Wally Funk was supposed to go to space 60 years ago. Now she’s going with Jeff Bezos

Washington: By most accounts, Wally Funk should have been to space by now.

In 1961, Funk was the youngest member of the “Mercury 13”, a group of 13 women privately tested and trained by a team of aviation medical experts for NASA’s astronaut program at the height of the space race. But the program, which put the women through the same rigorous testing as the Mercury 7, the all-male team of original astronauts, was cancelled.

Jeff Bezos with Wally Funk.Credit:AP

Sixty years later, the 82-year-old is poised to become the oldest person to reach space. Jeff Bezos announced late on Thursday AEST in an Instagram post that Funk would be joining him, his brother, Mark, and the unnamed winner of an auction aboard Blue Origin’s first crewed spaceflight on July 20, the anniversary of Neil Armstrong and Buzz Aldrin’s Apollo 11 moon landing in 1969.

Funk is a pioneer in aviation. She was the first female Federal Aviation Administration inspector and first female National Transportation Safety Board air safety investigator. She has logged 19,600 hours of flight time and taught more than 3000 people to fly, she says in Bezos’ Instagram video.

“Everything that the FAA has, I’ve got the licence for,” Funk says. “And, I can outrun you!”

In the video, Bezos describes the plan for the New Shepard’s journey to a wide-eyed Funk, down to the moment when the rocket returns to the desert surface and its doors open.

“We open the hatch and you step outside. What’s the first thing you say?” Bezos asks Funk. She doesn’t hesitate.

“I will say, ‘Honey, that’s the best thing that ever happened to me!” Funk declares, pulling Bezos into a bear hug.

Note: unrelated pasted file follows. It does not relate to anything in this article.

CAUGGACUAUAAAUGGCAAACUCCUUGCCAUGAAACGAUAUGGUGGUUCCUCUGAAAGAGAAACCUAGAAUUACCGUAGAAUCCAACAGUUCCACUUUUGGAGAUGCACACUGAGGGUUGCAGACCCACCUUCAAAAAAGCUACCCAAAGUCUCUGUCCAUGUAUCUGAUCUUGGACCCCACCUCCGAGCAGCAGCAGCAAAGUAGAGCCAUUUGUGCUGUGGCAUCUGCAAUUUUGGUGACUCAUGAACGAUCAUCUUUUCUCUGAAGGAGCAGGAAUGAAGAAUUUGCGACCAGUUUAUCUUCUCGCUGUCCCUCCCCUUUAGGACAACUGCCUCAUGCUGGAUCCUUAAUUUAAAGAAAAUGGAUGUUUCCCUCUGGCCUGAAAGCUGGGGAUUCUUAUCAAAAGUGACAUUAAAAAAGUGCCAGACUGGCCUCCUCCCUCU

Funk is Bezos’ “honoured guest” on the flight. Nearly 7600 bidders from 159 countries participated in the company’s non-profit foundation’s auction to win the other seat, which topped out at $US28 million ($37.5 million).

Members of the FLATs, also known as the Mercury 13, attend a shuttle launch in Florida in 1995. From left are Gene Nora Jessen, Wally Funk, Jerrie Cobb, Jerri Truhill, Sarah Rutley, Myrtle Cagle and Bernice Steadman.Credit:NASA/AP

Blue Origin has said travellers must be able to endure three times the force of gravity for 2 minutes on ascent and 5½ times the force of gravity for a few seconds on the way down. Participants must be between 152 and 193 centimetres tall and weigh between 49.8 and 101 kilograms.

As a young girl, Funk used to jump off the roof of her parents’ barn in a Superman cape, pretending to fly. She loved to build model planes and ships, became an “expert marksman” at 14 and competed for the United States in slalom and downhill skiing. She’s been flying since 1957. She is also an antique car enthusiast and “avid zipliner”, according to her website.

When NASA finally opened its programs to women in 1976, Funk applied three times and received three rejections. But she has never been the type to let anything stand in her way, she says in the video.

“I like to do things that nobody has ever done.”

The July 20 flight would make Bezos the first of the billionaire “space barons” to go to space, a significant milestone for him and Blue Origin, which lags behind Elon Musk’s SpaceX in the competition for billions of dollars in NASA and Defence contracts and which flies a more powerful rocket capable of taking people and supplies into orbit.

Bezos has long been fascinated with space. An avid science fiction reader and big Star Trek fan as a child, he has called watching the Apollo 11 moon landing a seminal moment for him, even though he was just 5 years old at the time. He chose “Goddard” as the middle name for one of his sons in homage to Robert Goddard, the founder of modern rocketry.

The New Shepard is named for Alan Shepard, who became the first American to go to space in 1961. Like that first suborbital flight, New Shepard shoots straight up, flying past 60 miles to reach the edge of space before falling back to Earth. The flight takes about 10 minutes in all, with a few minutes of weightlessness in space.

Neither Musk nor Virgin Galactic’s Richard Branson have ridden on their companies’ rockets, though there’s speculation Branson may be trying to beat Bezos with a secretive launch in the coming weeks. In late June, Virgin Galactic won FAA approval to take customers to space, making it the first spaceline (as in airline in space) to cross that hurdle.

In 2010, Funk put down $US200,000 for a future Virgin Galactic flight. She’s spent years waiting and visiting Spaceport America, anticipating what she thought would be her first trip to space. But by the time she gets to cash in that ticket, she’ll already be an astronaut.

The Washington Post

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